Jeff Gardner, President and CEO of Windstream Communications, opened his keynote speech at U.S. Telecom’s Executive Business Forum with a note of appreciation to US Telecom for getting behind what he termed, “credit stabilization legislation.” These opening comments set the theme for his talk, which was primarily about the financial condition of his company. In doing so, he provided insight into Windstream’s thoughts on the basic business, but also on topics such as wireless and IPTV.
Gardner spoke of the transformation of Windstream Communications from a telephony-based to a broadband-centric company. As proof points, he cited metrics that showed growth in broadband customers from 81k to 934k from 2002 to present. Revenues have increased from $3.1 to $3.21 billion in that same period, which is remarkable given the ongoing voice line loss of approximately 5% per year.
Windstream was born out of a merger of Alltel’s wireline properties together with those of VALOR Communications and instantly became a top-ten telco. It is primarily a rural and suburban carrier with about 20 access lines per mile. Still, they are facing strong competition, particularly in their suburban areas, as evidenced by the fact that 50 to 55% of their markets have voice competitors and 80% of their markets have broadband competitors.
Despite this, OIBDA (Operating Income Before Depreciation and Amortization) is at 53% and Gardner indicated that the dividend was safe and, at the time of his speech, was yielding 9%. He indicated that only 15% of Windstream’s revenue results from regulation (e.g. High Cost Fund, Switched Access, etc.).
Gardner said that there are multiple secrets to Windstream’s success, including aggressive marketing at the local level. Windstream staffs at the local level and targets its marketing efforts to particular markets, as opposed to one-size-fits-all, national programs.
They are expanding distribution channels as well and are finding success in marketing to MDUs – some of Windstream’s college towns have 30 to 40% of their residences located in MDUs. Approximately 10% of their sales are coming from retail channels. Gardner suggested that they are making big investments in their save desk; they have saved some 50% of customers who were about to defect to a competitor.
He spoke of the importance of offering products that customers want. As an example, they created an offering called Greenstreak; which is targeted at those people who are wireless-only customers. Greenstreak is a broadband product which provides a metered voice line (primarily for emergencies). They have not seen cannibalization of revenue from higher priced tiers as they have carefully targeted this offering.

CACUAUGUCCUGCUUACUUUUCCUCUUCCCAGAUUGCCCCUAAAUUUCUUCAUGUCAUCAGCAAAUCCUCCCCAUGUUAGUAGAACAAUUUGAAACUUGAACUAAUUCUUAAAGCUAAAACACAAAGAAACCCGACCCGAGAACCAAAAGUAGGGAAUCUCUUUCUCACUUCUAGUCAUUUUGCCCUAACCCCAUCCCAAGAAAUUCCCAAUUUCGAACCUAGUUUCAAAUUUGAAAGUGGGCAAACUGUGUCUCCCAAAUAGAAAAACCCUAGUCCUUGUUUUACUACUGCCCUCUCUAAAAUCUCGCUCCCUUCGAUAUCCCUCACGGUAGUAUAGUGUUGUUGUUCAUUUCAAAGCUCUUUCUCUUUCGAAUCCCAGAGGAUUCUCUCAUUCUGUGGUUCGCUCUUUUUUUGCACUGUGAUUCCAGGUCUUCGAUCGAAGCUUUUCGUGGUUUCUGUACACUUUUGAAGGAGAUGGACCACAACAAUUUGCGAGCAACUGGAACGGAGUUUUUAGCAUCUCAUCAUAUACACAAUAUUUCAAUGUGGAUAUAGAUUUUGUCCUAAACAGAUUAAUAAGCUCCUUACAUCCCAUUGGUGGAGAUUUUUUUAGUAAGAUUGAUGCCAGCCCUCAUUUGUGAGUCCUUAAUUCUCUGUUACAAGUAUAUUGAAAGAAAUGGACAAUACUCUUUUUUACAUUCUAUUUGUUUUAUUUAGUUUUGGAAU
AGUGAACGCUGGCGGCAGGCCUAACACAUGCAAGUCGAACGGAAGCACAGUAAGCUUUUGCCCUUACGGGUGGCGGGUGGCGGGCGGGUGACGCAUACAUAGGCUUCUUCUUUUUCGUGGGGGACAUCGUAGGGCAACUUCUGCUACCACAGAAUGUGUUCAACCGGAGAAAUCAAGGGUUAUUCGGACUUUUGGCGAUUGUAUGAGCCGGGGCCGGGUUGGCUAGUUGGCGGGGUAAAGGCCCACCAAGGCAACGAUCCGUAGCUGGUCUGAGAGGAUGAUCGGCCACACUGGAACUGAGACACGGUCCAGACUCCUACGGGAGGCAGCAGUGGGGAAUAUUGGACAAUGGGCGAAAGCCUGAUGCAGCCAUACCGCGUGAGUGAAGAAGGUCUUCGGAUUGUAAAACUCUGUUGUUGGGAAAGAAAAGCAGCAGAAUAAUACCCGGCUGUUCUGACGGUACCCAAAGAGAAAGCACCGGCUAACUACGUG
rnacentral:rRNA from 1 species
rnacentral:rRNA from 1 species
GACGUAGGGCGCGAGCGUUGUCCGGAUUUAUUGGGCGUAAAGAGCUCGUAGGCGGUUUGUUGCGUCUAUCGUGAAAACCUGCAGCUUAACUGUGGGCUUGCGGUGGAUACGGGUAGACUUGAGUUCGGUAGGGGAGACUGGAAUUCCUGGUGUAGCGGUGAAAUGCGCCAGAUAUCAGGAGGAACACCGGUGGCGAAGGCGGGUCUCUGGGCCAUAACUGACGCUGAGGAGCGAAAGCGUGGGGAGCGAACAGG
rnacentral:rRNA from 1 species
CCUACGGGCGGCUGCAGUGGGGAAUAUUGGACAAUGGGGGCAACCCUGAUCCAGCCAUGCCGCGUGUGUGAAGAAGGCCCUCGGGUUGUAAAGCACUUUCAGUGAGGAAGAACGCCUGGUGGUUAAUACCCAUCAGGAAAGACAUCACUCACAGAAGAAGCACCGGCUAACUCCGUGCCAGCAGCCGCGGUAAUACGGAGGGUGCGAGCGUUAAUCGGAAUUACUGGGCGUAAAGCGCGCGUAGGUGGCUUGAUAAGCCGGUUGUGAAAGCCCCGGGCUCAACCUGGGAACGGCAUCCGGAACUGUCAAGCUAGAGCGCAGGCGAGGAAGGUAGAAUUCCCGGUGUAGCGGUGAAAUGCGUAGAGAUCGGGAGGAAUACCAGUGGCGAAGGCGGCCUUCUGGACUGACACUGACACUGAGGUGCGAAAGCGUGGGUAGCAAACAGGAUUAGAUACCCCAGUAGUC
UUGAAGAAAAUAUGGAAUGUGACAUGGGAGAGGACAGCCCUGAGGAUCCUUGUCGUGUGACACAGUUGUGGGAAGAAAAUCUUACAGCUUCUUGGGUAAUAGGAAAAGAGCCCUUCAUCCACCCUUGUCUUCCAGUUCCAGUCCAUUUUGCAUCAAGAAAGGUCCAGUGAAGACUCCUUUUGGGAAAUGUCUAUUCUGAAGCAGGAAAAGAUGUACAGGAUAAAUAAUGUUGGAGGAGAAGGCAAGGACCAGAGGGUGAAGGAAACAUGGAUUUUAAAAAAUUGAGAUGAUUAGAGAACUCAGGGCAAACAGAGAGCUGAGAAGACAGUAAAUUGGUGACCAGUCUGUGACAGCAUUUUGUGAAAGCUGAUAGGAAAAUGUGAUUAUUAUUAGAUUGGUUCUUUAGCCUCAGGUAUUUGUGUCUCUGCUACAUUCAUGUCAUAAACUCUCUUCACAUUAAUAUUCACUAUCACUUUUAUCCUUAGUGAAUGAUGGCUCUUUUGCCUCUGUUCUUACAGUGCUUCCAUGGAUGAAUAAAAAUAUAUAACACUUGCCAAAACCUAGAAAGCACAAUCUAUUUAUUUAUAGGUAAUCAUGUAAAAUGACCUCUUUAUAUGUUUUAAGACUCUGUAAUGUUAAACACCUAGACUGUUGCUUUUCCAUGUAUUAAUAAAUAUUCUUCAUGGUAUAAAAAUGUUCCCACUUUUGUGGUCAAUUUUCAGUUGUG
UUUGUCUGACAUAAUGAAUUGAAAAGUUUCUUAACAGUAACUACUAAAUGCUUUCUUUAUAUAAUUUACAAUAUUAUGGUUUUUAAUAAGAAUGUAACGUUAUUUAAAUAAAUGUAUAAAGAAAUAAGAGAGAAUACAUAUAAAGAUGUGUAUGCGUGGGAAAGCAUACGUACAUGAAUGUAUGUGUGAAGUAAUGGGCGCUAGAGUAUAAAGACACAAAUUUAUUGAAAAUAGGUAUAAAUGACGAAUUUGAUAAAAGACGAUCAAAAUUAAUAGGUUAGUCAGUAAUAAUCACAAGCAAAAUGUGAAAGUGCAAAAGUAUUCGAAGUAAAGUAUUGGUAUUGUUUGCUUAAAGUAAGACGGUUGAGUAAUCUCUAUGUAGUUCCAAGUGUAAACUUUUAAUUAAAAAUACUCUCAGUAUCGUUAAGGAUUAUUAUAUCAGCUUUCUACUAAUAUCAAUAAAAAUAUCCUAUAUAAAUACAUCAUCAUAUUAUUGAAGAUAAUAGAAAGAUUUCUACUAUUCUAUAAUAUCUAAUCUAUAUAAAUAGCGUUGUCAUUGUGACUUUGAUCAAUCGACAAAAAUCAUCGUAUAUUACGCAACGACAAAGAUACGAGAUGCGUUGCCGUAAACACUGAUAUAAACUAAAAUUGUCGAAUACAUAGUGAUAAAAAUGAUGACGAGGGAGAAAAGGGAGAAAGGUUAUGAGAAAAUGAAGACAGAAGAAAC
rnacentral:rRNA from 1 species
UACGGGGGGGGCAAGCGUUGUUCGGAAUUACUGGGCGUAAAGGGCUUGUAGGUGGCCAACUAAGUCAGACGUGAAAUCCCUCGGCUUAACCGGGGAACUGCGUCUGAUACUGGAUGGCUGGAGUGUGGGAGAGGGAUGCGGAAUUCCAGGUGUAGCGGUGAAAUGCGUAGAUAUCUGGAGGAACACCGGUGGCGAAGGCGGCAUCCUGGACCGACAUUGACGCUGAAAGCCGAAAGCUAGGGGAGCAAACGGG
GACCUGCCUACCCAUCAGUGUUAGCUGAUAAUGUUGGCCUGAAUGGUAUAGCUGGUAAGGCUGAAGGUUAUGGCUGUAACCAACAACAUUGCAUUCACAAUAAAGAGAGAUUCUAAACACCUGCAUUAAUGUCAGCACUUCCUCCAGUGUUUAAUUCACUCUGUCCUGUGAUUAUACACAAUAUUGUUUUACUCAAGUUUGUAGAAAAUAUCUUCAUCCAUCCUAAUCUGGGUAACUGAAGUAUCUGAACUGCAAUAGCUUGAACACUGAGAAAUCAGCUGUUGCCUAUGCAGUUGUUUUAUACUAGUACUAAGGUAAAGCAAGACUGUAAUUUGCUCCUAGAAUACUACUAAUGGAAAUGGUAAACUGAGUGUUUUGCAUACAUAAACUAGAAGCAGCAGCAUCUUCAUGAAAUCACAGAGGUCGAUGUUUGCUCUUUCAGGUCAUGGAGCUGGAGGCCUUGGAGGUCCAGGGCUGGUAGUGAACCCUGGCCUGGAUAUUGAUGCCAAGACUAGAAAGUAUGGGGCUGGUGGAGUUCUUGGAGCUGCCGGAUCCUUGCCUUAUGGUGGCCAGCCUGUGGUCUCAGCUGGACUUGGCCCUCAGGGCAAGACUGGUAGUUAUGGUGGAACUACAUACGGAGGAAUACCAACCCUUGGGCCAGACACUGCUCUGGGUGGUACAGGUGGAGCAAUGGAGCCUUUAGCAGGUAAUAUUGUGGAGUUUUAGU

One of the offerings Windstream won’t be providing anytime soon is wireless, especially as an MVNO. Gardner, who has 20+ years of wireless experience, said that Windstream could not see a path to profitability for a wireless offering. He said it was very difficult, if not impossible, for a rural telco to be competitive in the wireless space.
He had similar thoughts about building out a traditional IPTV infrastructure and IPTV does not appear to be in their video plans in the near-term. With that in mind, he is very pleased with the performance of their digital video offering via their partnership with Echostar/DishTV and called it a long-term strategy. He said that they are paid in the millions of dollars per quarter in upfront commissions, plus ongoing fee for billing and collections for their 231k video subscribers.
When asked who owns the customer, he admitted that, at this point, the customer is pretty much DishTV’s. He hinted that this could change as the rollout of a hybrid satellite/on-demand via broadband offering (expected in Q1 2009) will allow much more customization of the product for Windstream.
This is consistent with their focus on enhancing the broadband experience of their customers. Approximately 85% of their customers can receive their 3 Mbs tier, 40% can receive 6 Mbs and 22 to 25% can receive 12 Mbs. To increase the value of this bandwidth, Windstream has is either offering or planning to offer services such as tech help, home network VOD and security services.
He suggested that one way to monetize its broadband infrastructure is through, “Consumer preference advertising.” This is the type of targeted advertising that has been at the center of controversy in Washington. Gardner pointed out that the industry has to figure out how to add this revenue stream to their portfolio. He believes that targeted advertising ultimately provides a better experience for the consumer, as they will receive advertisements they want to see and implied that the new advertising revenue streams will effectively subsidize consumers’ broadband subscriptions.
Finally, Gardner suggested that Windstream is well positioned for further merger and acquisitions with other telcos. He warned that the ability to enter into such transactions will be slowed somewhat by the credit markets and to not expect anything for 12 to 24 months.